Terrance Callan, «The Soteriology of the Second Letter of Peter», Vol. 82 (2001) 549-559
2 Peter presents Jesus as savior in that he purchased his followers from
slavery to corruption and the defilements of the world. Human beings became
slaves of corruption through erroneous thinking and following the desires of the
flesh, i.e. sin. Jesus’ followers have been released from this servitude by their
recognition that Jesus has purchased them from their previous owner and is now
their master. The ethical teaching of 2 Peter is based on continuing in the freedom
from slavery to sin that has come through Jesus. The eschatological teaching of 2
Peter describes the completion of salvation, the culmination of both slavery to sin
and following Jesus.
The Pauline character of the soteriology of 2 Peter is very marked. In view of the author’s claim (in 2 Pet 3,16) that Paul agrees with what the author has said, this is not surprising.
in error is probably another description of freedom from slavery to corruption. Since the false teachers tempt them with futile speech and an appeal to desire, it seems likely that this is how they originally became slaves to corruption. Since futility is the opposite of knowledge (see Philo, De conf. ling. 141 and esp. 159), it is easy to see how futile speech would lead people into error and thus into slavery to corruption. The causal role of desire is confirmed by 1,4 which refers to the author and readers of 2 Peter as ones who have escaped the corruption in the world by desire. Thus the author of 2 Peter sees enslavement to corruption, not as intrinsic to the human condition, but as due to error, futility and the desires of the flesh30. We can probably see yet another reference to Jesus’ followers’ having escaped slavery in 1,9 which mentions the cleansing of past sins. This suggests that enslavement to corruption derives from sin.
We find a similar constellation of ideas in the letter of Paul to the Romans. In Rom 8,20 Paul says that all creation was subjected to futility by God; in the following verse this futility is equated with slavery to corruption. In saying this Paul refers back to 1,18-32, where he explains how this happened. Although God revealed himself to humans (v. 19), they did not glorify God or give thanks to him, but became futile in their thinking (v. 21) and exchanged the glory of the incorruptible God for an image resembling a corruptible human being (v. 23). Therefore God gave them up to the desires of their hearts (v. 24). The desires of their hearts led human beings into the futility of offering the worship proper to God to images of corruptible human beings. When God gave them over to these desires of their hearts, the desires of their hearts made them slaves to corruption. In 5,12 Paul speaks of the same thing as sin.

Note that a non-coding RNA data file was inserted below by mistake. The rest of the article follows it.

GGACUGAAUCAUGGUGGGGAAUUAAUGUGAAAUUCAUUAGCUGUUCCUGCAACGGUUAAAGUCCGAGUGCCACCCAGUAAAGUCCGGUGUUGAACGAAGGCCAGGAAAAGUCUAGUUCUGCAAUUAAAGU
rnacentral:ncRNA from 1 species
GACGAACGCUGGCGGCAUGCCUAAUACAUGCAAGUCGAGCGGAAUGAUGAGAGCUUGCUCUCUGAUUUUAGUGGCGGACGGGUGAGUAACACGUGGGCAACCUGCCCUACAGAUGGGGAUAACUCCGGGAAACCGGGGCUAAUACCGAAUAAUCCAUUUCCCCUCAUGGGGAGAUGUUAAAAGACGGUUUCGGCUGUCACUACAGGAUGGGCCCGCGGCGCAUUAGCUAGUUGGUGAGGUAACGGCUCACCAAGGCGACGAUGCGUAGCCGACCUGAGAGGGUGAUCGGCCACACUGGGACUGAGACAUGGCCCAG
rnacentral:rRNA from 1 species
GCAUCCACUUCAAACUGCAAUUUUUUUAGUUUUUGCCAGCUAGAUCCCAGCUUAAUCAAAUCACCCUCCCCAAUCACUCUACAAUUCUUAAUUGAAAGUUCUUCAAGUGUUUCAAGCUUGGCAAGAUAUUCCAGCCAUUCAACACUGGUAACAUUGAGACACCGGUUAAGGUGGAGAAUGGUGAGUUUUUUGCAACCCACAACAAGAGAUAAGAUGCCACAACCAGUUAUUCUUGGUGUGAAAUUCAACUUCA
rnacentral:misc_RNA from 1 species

4. Subjective Appropriation of Salvation
I suggested above that the author of 2 Peter understands Jesus as having purchased his followers from enslavement to corruption by his death, even though the author does not say explicitly that Jesus’ death was the purchase price. However, the author does speak explicitly about the way followers of Jesus appropriate this salvation. In 1,3 the author says that Jesus’ divine power has given them everything pertaining to life and piety through recognition of the one who called them by his own glory and excellence (v. 3), i.e. Jesus31. Jesus has done this by first calling them and then having them answer the call by recognizing him as savior.
The first verse of 2 Peter says that the readers have received faith from Jesus. Faith is a synonym for recognition of Jesus. Specifically, they have received faith equal in honor to that of Peter and others, through the justice of Jesus.
The author presupposes that Jesus’ death has transferred human beings from enslavement to corruption to his own service. However, this transfer does not take effect until it is known to have occurred. Prior to such